First, let me give you a little background on my fitness experience. In grade school, I was a theatre/yearbook geek and I never played team sports outside of P.E (which I sometimes dreaded). I never thought I would be opening a gym (although I’m
secretly excited about designing a regular charity ninja-warrior style obstacle course).
Aside from the occasional hip-hop dance class, fitness wasn’t a regular part of my life until I was 25, when I randomly decided to compete in a bodybuilding competition within 6 months as a New Year’s resolution (because I tend to overwhelm myself).
I hired a personal trainer and for the first time in my life, I felt motivated at the gym because I had a goal, I was actually training for something (vs. wandering into a conventional gym from time to time wondering what I should do that day).
I also learned about nutrition and as I saw results, I started to crave and appreciate fitness. I ended up winning the bodybuilding competition, but it came at a cost to my mental health. The final month of depleted prep before the show, I was crazy fatigued and just plain crazy. My “stage” body wasn’t sustainable. I can only speak from my personal experience and for that particular fitness goal, it was about what I looked like and not how I felt or how my performance increased.
After the competition, I struggled with binge eating and regular fitness became obsolete in my life for several years….until I met Adam! We were acquainted quite randomly but that’s another story :).
Before meeting him, I didn’t know anything about CrossFit and when he told me that he did Olympic weightlifting, I thought that meant that he went to the Olympics!
My first CrossFit class, I was pretty nervous. I was worried that I would be the least fit person there and also felt intimidated. And that’s after Adam had already been training me for awhile one on one (the benefits of dating a personal trainer! He says I’m his whiniest client).
Also, I struggled with my ego because I didn’t want to try something that I wasn’t naturally good at. I would be lying if I said that I’ve completely overcome this! Sometimes when lifting a barbell, it’s not just the weight on the bar – it’s the weight/pressure that we put on ourselves or from our day that we are also lifting. It might be because I don’t have a sports background (seasoned athletes I’m sure can relate to this) but my experience in CrossFit has taught me so much about myself and the unnecessary pressures that I tend to self-inflict. This newfound self-awareness has helped me to up my mental game, self-love and not to take anything too seriously!
Top 3 reasons why I love Crossfit
1. That being said, I realized the more obvious benefits of CrossFit immediately, the first traits I fell for was that only a small portion of the 1-hour class was the bulk of the workout (10-15 min of high intensity) and I could get the same results as a full hour of intensity like in a conventional boot camp class. Coming from a background of 60 min runs on a treadmill or stair climber, this was music to my ears.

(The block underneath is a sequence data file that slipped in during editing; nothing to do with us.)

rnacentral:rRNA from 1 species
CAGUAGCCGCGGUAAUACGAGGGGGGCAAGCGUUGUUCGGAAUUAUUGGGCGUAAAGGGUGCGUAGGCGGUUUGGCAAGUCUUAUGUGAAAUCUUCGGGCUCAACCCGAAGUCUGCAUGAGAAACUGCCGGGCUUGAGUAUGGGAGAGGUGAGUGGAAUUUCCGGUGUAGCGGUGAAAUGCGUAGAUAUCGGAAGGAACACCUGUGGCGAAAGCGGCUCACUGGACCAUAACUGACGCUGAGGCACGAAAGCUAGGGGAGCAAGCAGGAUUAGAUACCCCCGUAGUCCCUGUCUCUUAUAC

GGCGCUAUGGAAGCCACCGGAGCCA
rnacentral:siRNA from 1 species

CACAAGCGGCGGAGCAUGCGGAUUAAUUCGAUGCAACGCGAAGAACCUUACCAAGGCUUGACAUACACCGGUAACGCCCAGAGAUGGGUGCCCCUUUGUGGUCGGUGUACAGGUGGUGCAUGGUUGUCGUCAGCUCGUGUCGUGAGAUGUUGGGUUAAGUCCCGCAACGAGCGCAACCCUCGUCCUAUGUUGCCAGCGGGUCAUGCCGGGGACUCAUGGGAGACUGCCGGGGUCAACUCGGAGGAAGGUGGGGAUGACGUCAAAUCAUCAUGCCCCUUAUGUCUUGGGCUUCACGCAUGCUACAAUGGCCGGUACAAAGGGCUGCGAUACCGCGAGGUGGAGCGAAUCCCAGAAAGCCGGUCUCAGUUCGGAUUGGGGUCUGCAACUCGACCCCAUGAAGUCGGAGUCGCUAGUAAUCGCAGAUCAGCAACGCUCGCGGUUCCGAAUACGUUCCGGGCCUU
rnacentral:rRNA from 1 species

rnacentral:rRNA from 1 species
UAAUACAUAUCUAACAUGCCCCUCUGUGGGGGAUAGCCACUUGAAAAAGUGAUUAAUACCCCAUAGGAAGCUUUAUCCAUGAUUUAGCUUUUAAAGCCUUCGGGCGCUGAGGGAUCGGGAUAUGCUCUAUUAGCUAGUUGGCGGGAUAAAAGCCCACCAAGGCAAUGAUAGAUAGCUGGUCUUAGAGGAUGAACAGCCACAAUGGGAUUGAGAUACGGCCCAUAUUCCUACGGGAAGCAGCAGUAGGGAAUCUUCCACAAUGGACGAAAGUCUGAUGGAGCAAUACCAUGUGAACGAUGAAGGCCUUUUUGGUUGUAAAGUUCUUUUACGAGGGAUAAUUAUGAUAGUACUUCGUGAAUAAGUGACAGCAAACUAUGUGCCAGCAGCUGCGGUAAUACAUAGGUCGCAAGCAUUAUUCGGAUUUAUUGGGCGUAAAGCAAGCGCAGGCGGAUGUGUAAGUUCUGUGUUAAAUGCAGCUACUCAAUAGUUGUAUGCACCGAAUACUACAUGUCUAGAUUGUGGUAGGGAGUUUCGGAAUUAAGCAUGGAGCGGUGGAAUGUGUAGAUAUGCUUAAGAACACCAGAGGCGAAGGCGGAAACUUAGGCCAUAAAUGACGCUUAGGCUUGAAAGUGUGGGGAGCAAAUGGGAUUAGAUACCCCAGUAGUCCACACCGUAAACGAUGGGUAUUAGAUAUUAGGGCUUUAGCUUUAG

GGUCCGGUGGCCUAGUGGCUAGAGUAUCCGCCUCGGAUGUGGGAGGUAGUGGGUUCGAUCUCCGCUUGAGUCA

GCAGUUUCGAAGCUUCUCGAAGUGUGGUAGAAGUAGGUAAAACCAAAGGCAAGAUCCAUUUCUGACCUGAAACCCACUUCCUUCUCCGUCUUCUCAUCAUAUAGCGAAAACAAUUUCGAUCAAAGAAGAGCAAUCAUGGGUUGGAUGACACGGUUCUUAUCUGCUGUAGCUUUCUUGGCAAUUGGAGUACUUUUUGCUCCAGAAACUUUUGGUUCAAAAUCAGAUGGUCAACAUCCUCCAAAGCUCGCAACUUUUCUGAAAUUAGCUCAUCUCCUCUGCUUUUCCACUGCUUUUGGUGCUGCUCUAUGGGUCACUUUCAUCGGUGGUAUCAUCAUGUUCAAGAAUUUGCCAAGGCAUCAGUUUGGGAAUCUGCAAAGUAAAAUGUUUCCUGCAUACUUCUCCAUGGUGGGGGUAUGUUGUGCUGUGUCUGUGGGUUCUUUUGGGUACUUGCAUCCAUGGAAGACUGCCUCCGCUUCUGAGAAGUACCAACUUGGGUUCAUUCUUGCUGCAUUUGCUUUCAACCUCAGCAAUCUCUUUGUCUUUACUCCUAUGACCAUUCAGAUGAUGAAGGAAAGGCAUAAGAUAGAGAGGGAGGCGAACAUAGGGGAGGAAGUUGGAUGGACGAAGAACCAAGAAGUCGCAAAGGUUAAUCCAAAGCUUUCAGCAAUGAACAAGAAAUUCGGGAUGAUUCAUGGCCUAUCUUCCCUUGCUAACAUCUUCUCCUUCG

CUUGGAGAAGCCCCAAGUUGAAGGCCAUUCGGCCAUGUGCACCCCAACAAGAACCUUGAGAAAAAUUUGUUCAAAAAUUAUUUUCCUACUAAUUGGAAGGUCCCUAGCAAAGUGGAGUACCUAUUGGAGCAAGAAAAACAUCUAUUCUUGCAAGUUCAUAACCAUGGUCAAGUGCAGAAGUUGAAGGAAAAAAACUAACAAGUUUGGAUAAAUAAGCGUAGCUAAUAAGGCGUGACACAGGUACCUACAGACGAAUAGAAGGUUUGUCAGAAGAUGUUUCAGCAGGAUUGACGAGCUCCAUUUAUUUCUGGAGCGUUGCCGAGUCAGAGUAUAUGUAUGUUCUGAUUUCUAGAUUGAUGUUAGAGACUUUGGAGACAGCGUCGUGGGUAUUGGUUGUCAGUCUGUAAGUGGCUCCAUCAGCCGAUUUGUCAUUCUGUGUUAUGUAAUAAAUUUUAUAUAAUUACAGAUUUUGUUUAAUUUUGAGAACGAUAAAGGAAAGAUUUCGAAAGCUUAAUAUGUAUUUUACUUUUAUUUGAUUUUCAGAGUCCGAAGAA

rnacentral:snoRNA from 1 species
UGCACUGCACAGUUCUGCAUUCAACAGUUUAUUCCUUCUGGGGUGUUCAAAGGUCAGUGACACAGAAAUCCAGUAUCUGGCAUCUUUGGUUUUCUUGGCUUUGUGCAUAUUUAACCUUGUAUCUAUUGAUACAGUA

2. Secondly, unlike the boring circuit training workouts I meandered through at conventional gyms, CrossFit was fun, it was interesting and it was different every day. I felt like I was working on skills, learning new gymnastics movements and lifting techniques and suddenly the goal wasn’t about what I looked like at all – it was about my performance and I chased those challenges.
I got into amazing shape but this was just a bonus.
This was the most important breakthrough that I experienced in relation to my fitness, and I didn’t realize it until one day a friend of mine asked what my fitness goals were. I said “right now I’m just trying to get a muscle-up and improve my cardio endurance”. Then she said, “wait, you mean you don’t have a goal weight or want to get a six pack?”.
I smiled in surprise knowing that simply because of my mindset shift, just like that I was an athlete now. I could trust my body to respond in the aesthetically pleasing ways that is biologically guaranteed and focus instead on having fun and being committed. I love the competitive nature and the fact that there is always a new goal to chase after and celebrate.
3. Aside from my newfound healthy relationship-with-self and health benefits, I love the community. I’ve made lifelong friends at the gym who share similar goals and outlooks as me and having gym buddies makes showing up everyday that much easier. In a class, people encourage and cheer for each other, everybody gets a high five, we all suffer together, compete against each other (or just with ourselves) and just have a lot of fun. We are all there for the same or similar reasons and certainly have very similar struggles! Having a community to share fitness with changes the game. Friends, accountability, community, support, coaches, programming, all these things kept me coming back.
I don’t think CrossFit is the end all to be all when it comes to fitness and I know it’s not for everybody. But I do think CrossFit can be an incredible and enjoyable fitness journey, or a valuable supplement to an already solid fitness routine. When it comes to fitness, I think you should do whatever you enjoy and whatever you’ll actually do day after day. If it’s CrossFit, that’s awesome!
The above is a video of when I got my first PR (Personal Record) snatch (this is the unfortunate yet hilarious name for the lift above). It’s been 9 months and I’ve only added 2 pounds to this and I’m practicing the necessary expansion of my patience.
Also, I can’t believe Adam finally convinced me to wear booty shorts when working out (I told him I can only worry about one snatch at a time) but to be honest, I got used to it and there’s something powerful about embracing my cellulite and finally appreciating my thick legs for how capable and strong they are. Definitely maybe a side effect from my leftover Daenerys Targaryen hair.